Alcalá View 1995 12.2
Getting Pumped about Vert Skating By Jill Wagner It was a Saturday in late August when Theresa Andersen trav- eled to Huntington
University and State Employees Credit Union is available to the USO commu- nity effective Sept. 1. Both university employees and students qualify for member- ship. USE offers a complete range of banking services, including checking and sav- ings accounts, credit cards, ATM access, personal loans, home mortgages and auto loans. The nearest location to USO is on Linda Vista Road next to Mission Federal Credit Union. Membership information is available in human resources. Benefits general informa- tion meetings will be held 10:30 to 11 :30 a.m., Nov. 1, (Spanish speaking presenta- tion) and 11 :30 a.m. to 12:30 p.m. or 1:30 to 2:30 p.m., Nov. 2, in UC Forum B. The presentations will explain medical and dental insurance coverage for 1996. The Benefits Fair is 9 a.m. to 3 p.m., Nov. 3, in the UC Forum. This year's fair is a week earlier than in previous years due to the inauguration events taking place the sec- ond week of November. The fair is an opportunity for employees to talk to the insurance representatives, register for drawings and receive free gifts and infor- mative handouts. Open enrollment will be held in Salomon Lecture Hall 9 a.m. to 4:30 p.m., Nov. 14 through Nov. 17. During open enrollment, employees can change their health coverage and set up health and/or dependent care (child care) reimbursement accounts for 1996. Selections made in November will become effective Jan. 1, 1996. Watch for open enrollment information through campus mail in late October. - Vicki Coscia
Beach to skate in her fi rst formal in-line competi- tion. The nex t day she was crowned the women's national champion vert skater. Vert is in-line skating lingo for vertical, mean- ing Andersen, ass istant manager in the print shop, spends more time in the air than on the eight whee ls of her Rollerblade skates. She and three other women competed in the National
An airborne Theresa Andersen performs a tricky grab at the National In-line Skate Series championships.
skate before landing or peri"orming a hand- stand -like move while twisting the body around to land fac ing forward on the ramp. The 25 -year-old daredev il recently began practicing a back fli p and plans to have it petfected by nex t year's competition. There's always something new to try in vert skating and the adrenaline rush from doing something no one else has done is hard to beat, Andersen says, her face light- ing up with exc itement. That sort of elat ion was ev ident fo llowing her championship run on the half-pipe, which was captured on film by PRIME Sports. During the Sept. 12 telev ision airing of the compet ition , a grinning and surprised Andersen - in full skater's regalia, includ- ing baggy shorts, tank top, helmet, knee and elbow pads and wrist guards - managed to tell an interviewer simply: "It fee ls really neat ! I'm shocked I won ." Back at home, Andersen and her hus- band, Eric, look fo rward to Sa turday morn- ing trips from their El Cajon home to a YMCA skate park in Escondido. There they join other skaters to practice technique and tricks. Andersen especially likes working with the kids who hang out at the park, who are eager for some advice from the more experienced skaters. It's the people and the chance to teach kids and promote the sport that keeps Andersen pumped about ve rt skating.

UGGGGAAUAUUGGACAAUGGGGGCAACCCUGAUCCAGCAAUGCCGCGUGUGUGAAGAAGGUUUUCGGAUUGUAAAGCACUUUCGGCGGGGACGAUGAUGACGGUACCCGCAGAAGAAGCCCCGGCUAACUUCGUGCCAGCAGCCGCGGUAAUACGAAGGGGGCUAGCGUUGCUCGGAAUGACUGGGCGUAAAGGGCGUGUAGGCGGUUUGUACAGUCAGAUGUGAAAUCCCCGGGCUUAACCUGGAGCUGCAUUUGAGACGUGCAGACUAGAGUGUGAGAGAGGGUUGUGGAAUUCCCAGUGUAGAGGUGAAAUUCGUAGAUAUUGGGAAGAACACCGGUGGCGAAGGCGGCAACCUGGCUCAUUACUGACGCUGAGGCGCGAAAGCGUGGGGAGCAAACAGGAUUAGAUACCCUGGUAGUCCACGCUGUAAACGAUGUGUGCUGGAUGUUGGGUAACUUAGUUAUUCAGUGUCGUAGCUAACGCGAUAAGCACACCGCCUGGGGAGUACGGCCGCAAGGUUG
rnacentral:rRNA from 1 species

In-line Skate Series championships Aug. 20 and the judges deemed the newcomer the mos t impressive half-pipe skater. The half-pipe is a rounded wooden ramp with two sides rising as high as 11 feet from the ground , Andersen explains. Tricks are perfo rmed near the top of either side and judges are particularly impressed by the amount of air a skater can put between her- se lf and the ramp. "I go for a lot of air because that's one of my stronges t po ints and many of the female skaters can 't get high air," Andersen says. Her average rise above the top of the pipe is fo ur feet. Andersen's strong legs help her ga in speed when pumping to the top of the ramp and a weekly workout with her husband and other male skaters provides examples of good technique fo r catching air, she says. The average male skater rises six fee t above the top of the pipe. Admittedly, practices can be rough. "You never know when you're go ing to slam, " Andersen says, using more of the skater lingo to exp lain that, with one wrong move, you can crash at any moment. The soft ball she played while growing up didn't exactly prepare her fo r vert skating but she was the youngest of fo ur children , which helped build toughness, Andersen adds with a laugh . Many of the tricks are performed in the air and include the compe titor grabbing a
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